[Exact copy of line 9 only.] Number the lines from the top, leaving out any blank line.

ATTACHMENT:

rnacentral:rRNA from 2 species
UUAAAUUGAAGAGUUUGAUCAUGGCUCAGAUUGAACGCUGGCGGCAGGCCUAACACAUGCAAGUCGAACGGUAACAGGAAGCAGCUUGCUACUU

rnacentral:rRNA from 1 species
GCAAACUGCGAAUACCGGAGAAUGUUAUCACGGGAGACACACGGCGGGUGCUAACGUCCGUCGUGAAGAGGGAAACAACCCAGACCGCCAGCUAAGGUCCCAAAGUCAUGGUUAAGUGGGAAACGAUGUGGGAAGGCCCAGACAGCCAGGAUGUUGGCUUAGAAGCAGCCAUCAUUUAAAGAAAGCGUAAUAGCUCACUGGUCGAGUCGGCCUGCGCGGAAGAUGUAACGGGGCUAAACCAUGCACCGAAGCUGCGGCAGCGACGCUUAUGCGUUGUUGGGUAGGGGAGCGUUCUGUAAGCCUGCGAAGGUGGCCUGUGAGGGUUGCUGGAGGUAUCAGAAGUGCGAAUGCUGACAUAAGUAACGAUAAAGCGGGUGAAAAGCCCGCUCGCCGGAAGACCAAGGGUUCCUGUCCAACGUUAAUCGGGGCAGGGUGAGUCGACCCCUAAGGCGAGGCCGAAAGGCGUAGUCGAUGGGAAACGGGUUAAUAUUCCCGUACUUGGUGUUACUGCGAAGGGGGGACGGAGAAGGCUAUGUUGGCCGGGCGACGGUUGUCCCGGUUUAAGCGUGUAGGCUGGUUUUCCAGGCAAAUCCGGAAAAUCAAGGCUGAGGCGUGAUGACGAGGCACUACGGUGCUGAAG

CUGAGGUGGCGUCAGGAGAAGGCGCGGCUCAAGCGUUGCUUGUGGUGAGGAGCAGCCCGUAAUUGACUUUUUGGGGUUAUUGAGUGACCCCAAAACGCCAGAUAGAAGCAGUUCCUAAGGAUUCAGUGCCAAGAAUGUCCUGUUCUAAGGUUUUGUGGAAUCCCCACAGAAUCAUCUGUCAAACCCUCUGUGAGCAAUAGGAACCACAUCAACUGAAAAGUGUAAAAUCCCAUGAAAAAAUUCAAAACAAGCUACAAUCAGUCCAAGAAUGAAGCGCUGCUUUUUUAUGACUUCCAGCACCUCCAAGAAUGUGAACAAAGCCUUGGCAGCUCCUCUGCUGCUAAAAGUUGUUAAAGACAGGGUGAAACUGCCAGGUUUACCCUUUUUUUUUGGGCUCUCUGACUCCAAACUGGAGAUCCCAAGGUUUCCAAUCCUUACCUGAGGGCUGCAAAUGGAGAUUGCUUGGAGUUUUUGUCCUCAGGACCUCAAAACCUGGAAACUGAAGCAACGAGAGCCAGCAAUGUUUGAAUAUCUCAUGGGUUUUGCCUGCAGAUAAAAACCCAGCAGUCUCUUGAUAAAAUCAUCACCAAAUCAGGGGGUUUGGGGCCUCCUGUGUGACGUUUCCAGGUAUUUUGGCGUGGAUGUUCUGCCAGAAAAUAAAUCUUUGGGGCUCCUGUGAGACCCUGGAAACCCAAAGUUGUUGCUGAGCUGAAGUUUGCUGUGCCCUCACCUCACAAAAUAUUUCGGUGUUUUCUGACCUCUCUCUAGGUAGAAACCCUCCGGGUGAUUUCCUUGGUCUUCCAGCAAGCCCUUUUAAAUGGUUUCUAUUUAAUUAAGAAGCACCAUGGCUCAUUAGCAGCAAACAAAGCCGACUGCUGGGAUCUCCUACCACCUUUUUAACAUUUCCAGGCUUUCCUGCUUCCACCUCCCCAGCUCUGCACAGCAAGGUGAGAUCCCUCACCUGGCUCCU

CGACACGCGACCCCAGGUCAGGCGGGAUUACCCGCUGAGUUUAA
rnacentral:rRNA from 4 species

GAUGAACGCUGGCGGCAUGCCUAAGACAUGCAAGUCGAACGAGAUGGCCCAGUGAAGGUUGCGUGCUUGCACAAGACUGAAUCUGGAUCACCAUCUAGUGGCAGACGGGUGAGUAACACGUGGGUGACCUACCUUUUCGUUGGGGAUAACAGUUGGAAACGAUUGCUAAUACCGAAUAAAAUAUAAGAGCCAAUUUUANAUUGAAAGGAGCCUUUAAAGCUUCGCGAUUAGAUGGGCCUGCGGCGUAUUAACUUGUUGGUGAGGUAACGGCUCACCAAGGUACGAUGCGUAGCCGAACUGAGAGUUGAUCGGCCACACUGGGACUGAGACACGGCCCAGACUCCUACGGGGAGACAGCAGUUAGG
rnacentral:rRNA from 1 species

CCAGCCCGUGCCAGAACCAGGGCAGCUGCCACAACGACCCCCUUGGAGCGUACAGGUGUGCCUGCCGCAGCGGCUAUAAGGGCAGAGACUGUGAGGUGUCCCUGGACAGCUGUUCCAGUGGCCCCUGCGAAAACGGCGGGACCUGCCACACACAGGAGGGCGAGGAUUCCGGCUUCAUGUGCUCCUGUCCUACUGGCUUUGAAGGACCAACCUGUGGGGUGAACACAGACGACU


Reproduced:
rnacentral:rRNA from 1 species